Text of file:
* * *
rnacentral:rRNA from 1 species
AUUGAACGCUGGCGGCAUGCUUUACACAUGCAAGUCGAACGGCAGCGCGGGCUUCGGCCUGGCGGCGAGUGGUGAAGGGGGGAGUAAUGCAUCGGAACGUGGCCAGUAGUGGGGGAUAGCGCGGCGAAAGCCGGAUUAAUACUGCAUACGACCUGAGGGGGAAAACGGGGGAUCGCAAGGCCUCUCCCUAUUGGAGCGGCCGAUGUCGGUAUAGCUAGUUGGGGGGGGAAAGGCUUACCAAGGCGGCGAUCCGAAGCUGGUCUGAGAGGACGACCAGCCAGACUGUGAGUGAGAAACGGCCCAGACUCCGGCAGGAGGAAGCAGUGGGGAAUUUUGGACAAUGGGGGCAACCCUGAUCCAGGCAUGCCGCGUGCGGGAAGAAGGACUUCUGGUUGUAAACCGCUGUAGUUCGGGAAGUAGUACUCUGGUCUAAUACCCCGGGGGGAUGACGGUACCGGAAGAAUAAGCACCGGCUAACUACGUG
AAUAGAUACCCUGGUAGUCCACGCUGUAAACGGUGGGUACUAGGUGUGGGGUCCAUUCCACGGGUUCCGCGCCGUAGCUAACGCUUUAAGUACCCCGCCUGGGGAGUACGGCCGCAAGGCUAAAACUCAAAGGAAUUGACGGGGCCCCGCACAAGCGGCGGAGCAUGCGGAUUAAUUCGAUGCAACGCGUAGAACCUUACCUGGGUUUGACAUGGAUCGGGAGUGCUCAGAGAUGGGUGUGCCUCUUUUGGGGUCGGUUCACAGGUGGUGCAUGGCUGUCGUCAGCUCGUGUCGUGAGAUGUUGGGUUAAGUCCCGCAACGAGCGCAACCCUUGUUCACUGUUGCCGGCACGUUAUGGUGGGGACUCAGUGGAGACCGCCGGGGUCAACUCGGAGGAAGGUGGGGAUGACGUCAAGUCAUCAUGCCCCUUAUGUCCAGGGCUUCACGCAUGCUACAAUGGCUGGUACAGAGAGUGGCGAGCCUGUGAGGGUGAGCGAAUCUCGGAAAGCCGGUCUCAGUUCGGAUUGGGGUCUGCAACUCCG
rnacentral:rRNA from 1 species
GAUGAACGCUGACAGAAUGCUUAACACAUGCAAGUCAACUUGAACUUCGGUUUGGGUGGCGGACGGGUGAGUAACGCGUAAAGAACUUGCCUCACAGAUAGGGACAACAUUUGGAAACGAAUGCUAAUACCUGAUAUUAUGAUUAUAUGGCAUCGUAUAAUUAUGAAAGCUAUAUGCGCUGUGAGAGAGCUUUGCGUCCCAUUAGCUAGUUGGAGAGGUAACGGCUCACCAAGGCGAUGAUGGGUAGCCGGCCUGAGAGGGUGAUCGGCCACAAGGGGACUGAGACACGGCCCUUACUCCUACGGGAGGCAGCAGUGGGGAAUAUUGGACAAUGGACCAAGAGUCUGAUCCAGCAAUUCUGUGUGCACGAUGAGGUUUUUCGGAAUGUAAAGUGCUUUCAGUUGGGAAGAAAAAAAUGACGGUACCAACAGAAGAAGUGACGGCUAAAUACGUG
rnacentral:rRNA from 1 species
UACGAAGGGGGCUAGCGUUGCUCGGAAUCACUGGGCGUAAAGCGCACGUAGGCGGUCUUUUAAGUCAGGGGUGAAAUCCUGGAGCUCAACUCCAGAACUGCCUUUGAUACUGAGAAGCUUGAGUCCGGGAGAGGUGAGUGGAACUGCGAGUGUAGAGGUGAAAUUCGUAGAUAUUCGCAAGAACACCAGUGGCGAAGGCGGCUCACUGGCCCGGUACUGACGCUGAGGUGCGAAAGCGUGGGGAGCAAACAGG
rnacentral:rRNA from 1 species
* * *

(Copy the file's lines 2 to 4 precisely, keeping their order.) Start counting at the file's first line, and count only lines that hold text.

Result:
AUUGAACGCUGGCGGCAUGCUUUACACAUGCAAGUCGAACGGCAGCGCGGGCUUCGGCCUGGCGGCGAGUGGUGAAGGGGGGAGUAAUGCAUCGGAACGUGGCCAGUAGUGGGGGAUAGCGCGGCGAAAGCCGGAUUAAUACUGCAUACGACCUGAGGGGGAAAACGGGGGAUCGCAAGGCCUCUCCCUAUUGGAGCGGCCGAUGUCGGUAUAGCUAGUUGGGGGGGGAAAGGCUUACCAAGGCGGCGAUCCGAAGCUGGUCUGAGAGGACGACCAGCCAGACUGUGAGUGAGAAACGGCCCAGACUCCGGCAGGAGGAAGCAGUGGGGAAUUUUGGACAAUGGGGGCAACCCUGAUCCAGGCAUGCCGCGUGCGGGAAGAAGGACUUCUGGUUGUAAACCGCUGUAGUUCGGGAAGUAGUACUCUGGUCUAAUACCCCGGGGGGAUGACGGUACCGGAAGAAUAAGCACCGGCUAACUACGUG
AAUAGAUACCCUGGUAGUCCACGCUGUAAACGGUGGGUACUAGGUGUGGGGUCCAUUCCACGGGUUCCGCGCCGUAGCUAACGCUUUAAGUACCCCGCCUGGGGAGUACGGCCGCAAGGCUAAAACUCAAAGGAAUUGACGGGGCCCCGCACAAGCGGCGGAGCAUGCGGAUUAAUUCGAUGCAACGCGUAGAACCUUACCUGGGUUUGACAUGGAUCGGGAGUGCUCAGAGAUGGGUGUGCCUCUUUUGGGGUCGGUUCACAGGUGGUGCAUGGCUGUCGUCAGCUCGUGUCGUGAGAUGUUGGGUUAAGUCCCGCAACGAGCGCAACCCUUGUUCACUGUUGCCGGCACGUUAUGGUGGGGACUCAGUGGAGACCGCCGGGGUCAACUCGGAGGAAGGUGGGGAUGACGUCAAGUCAUCAUGCCCCUUAUGUCCAGGGCUUCACGCAUGCUACAAUGGCUGGUACAGAGAGUGGCGAGCCUGUGAGGGUGAGCGAAUCUCGGAAAGCCGGUCUCAGUUCGGAUUGGGGUCUGCAACUCCG
rnacentral:rRNA from 1 species